The U.S. dollar continues to hover be near a two-year low, with currency strategists apprehending more declines ahead. The U.S. dollar index has slipped nearly 7% in the last three-month period. In fact, the index that measures the greenback against six other major currencies is down nearly 9% from its March highs and is on track for its worst month since 2011. Notably, currency strategists at Goldman Sachs now predict a 5% weaker dollar compared to other major currencies in the world next year.
But why is the U.S. dollar weakening? Primarily, the dollar has been more or less 20% overvalued before May, which eventually led to the slide in the past three months. What’s more, gains in other currencies, especially the euro, as Europe’s economic recovery from the coronavirus pandemic outpaced that of the United States, resulted in a weaker dollar. And why not? The United States has certainly struggled to contain the spike in coronavirus cases, dashing hopes of a V-shaped economic recovery. U.S. consumer confidence took a beating this month, losing steam following two months of recovery. New cases of COVID-19 infections, no doubt, dampened consumer consumption. Four U.S. states on Jul 28 reported a one-day record of COVID-19 deaths while nationwide cases continue to surge.
Also, uncertainties related to the additional fiscal stimulus package to pep up the economy are weighing on the dollar. Some of the Republicans in the U.S. Senate were against its own party’s $1-trillion coronavirus relief proposal, while Democrats continue to ask for an extension of a $600-per-week coronavirus jobless benefit.
What does a weaker dollar mean for investors? Obviously, a weak dollar led to a rush to gold, which last stood at $1,963.5 per ounce on Jul 28, almost close to its record high of $1,980.5 per ounce. This is because when the value of dollar decreases relative to other currencies throughout the globe, the price of gold tends to rise in dollar terms.
And with gold prices near an all-time high, it seems prudent for investors to pick gold mining stocks. One of the prominent names is Kinross Gold Corporation
(KGC - Free Report
) , which engages in the acquisition, exploration and development of gold properties in the United States along with several other countries.
Kinross Gold currently has a Zacks Rank #2 (Buy). The Zacks Consensus Estimate for its current-year earnings has moved up 14.5% over the past 60 days. The company’s expected earnings growth rate for the current quarter and year is 125% and 85.3%, respectively. Shares of Kinross Gold have surged 85.2% so far this year compared with the Mining - Gold
industry’s rise of 53.1%. You can see the complete list of today’s Zacks #1 Rank (Strong Buy) stocks here.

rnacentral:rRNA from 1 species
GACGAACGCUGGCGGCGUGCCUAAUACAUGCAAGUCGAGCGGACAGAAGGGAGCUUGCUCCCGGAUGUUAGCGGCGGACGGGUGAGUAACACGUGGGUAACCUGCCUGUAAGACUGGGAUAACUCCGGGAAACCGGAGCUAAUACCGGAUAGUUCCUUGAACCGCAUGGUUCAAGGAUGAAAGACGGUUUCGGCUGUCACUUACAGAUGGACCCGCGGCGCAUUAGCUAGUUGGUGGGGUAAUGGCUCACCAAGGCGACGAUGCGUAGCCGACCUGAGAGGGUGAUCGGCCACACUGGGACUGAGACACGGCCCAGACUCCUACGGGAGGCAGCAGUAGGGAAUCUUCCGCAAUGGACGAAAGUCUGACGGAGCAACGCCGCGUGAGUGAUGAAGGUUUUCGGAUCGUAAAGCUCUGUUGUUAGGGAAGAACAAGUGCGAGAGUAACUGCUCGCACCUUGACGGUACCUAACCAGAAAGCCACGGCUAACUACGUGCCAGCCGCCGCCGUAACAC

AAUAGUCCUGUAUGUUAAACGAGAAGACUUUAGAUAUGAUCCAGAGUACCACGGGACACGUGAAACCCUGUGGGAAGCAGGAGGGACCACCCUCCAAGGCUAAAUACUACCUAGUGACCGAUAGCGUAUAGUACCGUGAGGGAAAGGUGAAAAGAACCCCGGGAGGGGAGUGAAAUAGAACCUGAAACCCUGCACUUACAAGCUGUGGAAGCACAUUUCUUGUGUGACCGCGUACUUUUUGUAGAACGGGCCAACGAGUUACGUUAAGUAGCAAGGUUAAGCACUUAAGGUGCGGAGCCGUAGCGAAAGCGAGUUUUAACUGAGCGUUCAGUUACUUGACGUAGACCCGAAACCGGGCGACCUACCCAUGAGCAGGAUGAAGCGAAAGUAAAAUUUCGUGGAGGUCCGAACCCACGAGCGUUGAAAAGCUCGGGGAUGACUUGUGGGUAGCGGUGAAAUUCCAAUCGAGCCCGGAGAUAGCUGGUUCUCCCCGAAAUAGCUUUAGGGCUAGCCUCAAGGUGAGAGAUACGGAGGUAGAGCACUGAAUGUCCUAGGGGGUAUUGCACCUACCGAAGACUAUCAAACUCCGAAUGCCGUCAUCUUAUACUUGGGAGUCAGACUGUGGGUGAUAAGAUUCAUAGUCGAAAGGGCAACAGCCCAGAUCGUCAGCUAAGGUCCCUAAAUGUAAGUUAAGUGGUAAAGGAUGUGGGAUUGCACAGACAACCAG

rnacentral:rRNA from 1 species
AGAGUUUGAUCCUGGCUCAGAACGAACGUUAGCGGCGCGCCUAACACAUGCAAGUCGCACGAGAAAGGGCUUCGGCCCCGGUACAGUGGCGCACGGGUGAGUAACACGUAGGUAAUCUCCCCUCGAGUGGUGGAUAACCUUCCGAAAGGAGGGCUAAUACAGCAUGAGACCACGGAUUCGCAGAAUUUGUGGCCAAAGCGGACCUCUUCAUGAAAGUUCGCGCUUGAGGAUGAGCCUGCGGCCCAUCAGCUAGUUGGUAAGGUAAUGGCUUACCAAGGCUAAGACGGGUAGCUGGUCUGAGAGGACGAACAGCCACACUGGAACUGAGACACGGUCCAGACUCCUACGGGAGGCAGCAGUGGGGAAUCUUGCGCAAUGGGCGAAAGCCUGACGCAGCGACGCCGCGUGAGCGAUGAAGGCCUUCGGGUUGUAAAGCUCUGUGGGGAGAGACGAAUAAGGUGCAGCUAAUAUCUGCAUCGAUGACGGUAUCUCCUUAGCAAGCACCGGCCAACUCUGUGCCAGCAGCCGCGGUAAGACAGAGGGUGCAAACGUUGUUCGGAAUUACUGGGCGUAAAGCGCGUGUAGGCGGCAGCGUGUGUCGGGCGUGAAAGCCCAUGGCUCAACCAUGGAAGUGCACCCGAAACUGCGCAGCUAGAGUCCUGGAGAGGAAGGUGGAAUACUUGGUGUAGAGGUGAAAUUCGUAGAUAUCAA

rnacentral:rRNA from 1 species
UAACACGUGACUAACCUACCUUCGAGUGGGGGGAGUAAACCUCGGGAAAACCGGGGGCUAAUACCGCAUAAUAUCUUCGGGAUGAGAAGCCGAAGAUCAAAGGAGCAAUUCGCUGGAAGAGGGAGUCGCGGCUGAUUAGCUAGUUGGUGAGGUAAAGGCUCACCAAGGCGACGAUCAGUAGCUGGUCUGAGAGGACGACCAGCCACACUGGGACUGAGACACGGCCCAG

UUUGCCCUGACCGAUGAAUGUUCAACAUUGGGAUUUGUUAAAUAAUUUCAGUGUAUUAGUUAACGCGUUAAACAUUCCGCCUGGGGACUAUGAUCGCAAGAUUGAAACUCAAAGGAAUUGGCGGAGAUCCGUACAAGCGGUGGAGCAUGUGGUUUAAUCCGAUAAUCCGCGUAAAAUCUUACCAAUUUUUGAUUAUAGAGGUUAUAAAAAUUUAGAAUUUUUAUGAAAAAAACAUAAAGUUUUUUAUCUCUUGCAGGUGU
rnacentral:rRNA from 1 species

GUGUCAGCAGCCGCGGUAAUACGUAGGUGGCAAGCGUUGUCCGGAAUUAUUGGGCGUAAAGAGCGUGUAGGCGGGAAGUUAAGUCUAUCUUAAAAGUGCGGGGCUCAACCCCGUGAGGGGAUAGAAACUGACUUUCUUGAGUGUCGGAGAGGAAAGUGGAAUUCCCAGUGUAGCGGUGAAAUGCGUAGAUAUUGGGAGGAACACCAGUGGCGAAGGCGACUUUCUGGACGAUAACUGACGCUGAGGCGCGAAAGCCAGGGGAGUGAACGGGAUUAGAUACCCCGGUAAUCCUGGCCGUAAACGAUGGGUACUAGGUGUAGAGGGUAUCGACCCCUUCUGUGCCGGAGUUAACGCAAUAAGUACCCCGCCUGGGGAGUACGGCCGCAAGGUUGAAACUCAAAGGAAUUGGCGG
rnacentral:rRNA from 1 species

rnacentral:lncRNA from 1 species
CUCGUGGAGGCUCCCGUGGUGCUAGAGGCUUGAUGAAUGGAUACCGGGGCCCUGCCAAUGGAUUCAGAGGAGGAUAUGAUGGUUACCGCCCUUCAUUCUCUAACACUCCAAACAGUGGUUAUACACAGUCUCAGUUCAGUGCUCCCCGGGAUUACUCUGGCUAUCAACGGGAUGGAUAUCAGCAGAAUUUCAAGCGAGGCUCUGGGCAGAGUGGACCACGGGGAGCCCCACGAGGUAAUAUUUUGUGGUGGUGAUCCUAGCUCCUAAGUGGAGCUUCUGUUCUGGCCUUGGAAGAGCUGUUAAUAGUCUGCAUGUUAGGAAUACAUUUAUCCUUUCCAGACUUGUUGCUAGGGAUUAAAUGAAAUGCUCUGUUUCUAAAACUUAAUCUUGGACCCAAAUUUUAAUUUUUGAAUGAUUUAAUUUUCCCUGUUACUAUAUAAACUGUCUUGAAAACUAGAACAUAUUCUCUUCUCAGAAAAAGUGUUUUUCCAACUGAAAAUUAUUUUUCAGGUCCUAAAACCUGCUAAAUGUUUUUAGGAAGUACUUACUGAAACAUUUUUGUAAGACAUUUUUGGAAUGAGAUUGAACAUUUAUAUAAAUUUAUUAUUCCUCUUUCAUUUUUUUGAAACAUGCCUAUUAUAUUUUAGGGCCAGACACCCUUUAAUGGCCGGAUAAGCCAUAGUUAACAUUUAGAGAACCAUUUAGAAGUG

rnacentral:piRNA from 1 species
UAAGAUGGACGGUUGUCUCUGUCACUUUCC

By the way, a weaker dollar is also good for the broader stock market. Per Goldman’s David Kostin, a 10% fall in the value of dollar collectively increases S&P 500 company’s earnings per share by almost 3%. And when it comes to share price movement, since 1980, the S&P 500 has gained an average 2.6% in months when the dollar declined versus 0.7% gain in months when dollar increased sharply.
But most importantly, the biggest gainers would be companies that derive a majority of their earnings from overseas. After all, such companies are exposed to foreign exchange risks between the United States and other countries they are operating in. Thus, if dollar gains strength, it tends to hamper foreign sales of such companies.
According to Goldman Sachs, companies that generate a majority of sales from abroad include information technology players like Lam Research Corporation
(LRCX - Free Report
) and NVIDIA Corporation
(NVDA - Free Report
) ; energy bigwig Baker Hughes Company
(BKR - Free Report
) ; and discretionary stocks such as BorgWarner Inc
. (BWA - Free Report
) . Thus, keeping an eye on such stocks undoubtedly seems judicious at the moment.
The Zacks Consensus Estimate for Lam Research’s current-year earnings has moved up 0.1% over the past 60 days. The company’s expected earnings growth rate for the current quarter and year is 32.4% and 5.8%, respectively.
Baker Hughes’ consensus estimate for current-year earnings has also risen 10% over the past 60 days. The company’s expected earnings growth rate for the next year is a whopping 109.1%.
Meanwhile, the Zacks Consensus Estimate for BorgWarner’s current-year earnings has moved 5.5% north over the past 60 days. The company’s expected earnings growth rate for the next year is a solid 67%.
Lam Research, NVIDIA, Baker Hughes and BorgWarner currently possess a Zacks Rank #3 (Hold).
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